Poppy Allonby, a senior financial executive and the former managing director of BlackRock, has been analyzing the link between climate change and investing for more than two decades. “For a lot of that, it was quite lonely,” Allonby said during her Dec. 1 address at the MIT Energy Initiative Fall Colloquium. “There weren’t that many other people looking at this field. And over the last three or four years, that’s completely changed.”
Increasingly, Allonby said, investors are opening their eyes to the long-term risks of climate change—risks that threaten not only the planet, but also their portfolios. And as more institutional investors come to see climate change as a threat to their beneficiaries, they are taking action to fight it. Still, she cautioned that much more work remains to be done.
“Various investors are at very different stages in considering climate change,” Allonby said. “Once they realize this is something they need to think about…they need to do a risk assessment, then develop a strategy.”
“When you look at different institutions,” she said, “some are just at the very beginning of this journey.”
Although there is a compelling moral case to be made for taking steps to mitigate climate change, Allonby noted that institutional investors such as pension funds are bound by a fiduciary duty to their beneficiaries. That is to say, they are obligated to put their client or member interests ahead of their own.
“I talk about fiduciary duty, because one of the things that has really changed in the investment space is that more and more investors are beginning to see climate change and climate risk as [impacting] their fiduciary duty,” said Allonby. “That has been a shift. In my mind, it makes total sense. If you’re a long-term investor…and you’re thinking about beneficiaries that need assets over the next 10 or 20 years, and thinking about risks that might materialize—and climate change, in particular—then that makes a lot of sense. But that is not where we were five or 10 years ago.”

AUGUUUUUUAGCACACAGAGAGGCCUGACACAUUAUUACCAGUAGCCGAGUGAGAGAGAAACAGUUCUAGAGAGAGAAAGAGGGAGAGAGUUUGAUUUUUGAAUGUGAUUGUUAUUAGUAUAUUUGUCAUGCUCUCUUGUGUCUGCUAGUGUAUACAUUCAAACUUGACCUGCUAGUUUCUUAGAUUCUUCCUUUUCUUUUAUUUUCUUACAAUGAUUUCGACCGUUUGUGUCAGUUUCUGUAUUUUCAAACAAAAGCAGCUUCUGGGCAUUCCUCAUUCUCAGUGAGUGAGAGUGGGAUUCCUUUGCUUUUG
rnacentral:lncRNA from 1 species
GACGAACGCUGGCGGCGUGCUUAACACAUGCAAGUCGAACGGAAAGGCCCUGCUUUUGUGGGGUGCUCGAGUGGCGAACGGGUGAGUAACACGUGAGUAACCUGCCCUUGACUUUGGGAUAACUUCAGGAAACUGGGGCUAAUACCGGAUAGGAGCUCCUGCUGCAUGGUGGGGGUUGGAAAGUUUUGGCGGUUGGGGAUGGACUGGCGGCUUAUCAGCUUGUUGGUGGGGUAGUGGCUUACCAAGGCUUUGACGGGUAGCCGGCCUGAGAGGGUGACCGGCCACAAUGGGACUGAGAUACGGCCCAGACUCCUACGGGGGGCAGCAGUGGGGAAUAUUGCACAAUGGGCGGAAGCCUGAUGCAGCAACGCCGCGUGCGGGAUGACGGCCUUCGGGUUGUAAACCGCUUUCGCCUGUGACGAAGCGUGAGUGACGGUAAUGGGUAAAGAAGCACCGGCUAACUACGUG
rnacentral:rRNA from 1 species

Allonby spent more than 20 years at the multinational investment management corporation BlackRock. For seventeen of those years, she was a senior portfolio manager responsible for managing multi-billion-dollar funds investing globally in companies across the traditional energy sector, and also those involved in sustainable energy and mitigating climate change. Most recently, she was head of the corporation’s Global Product Group on several continents, where she provided oversight for nearly $1 trillion assets and played a critical role in developing BlackRock’s sustainable product strategy.
“Where I like to think the finance industry is heading is integration,” she said. “This means thinking holistically about pretty much every decision you make as an investor, and thinking about how climate risk is going to impact that investment. That is a sea change in the mentality around how people invest.”
For many years, activists have pushed for institutions—including MIT—to divest from fossil fuel companies. By keeping fossil fuel companies out of their portfolios, these activists argue, institutions and individuals can exert social, political, and economic pressure on these corporations and help to accelerate the shift to renewable energy.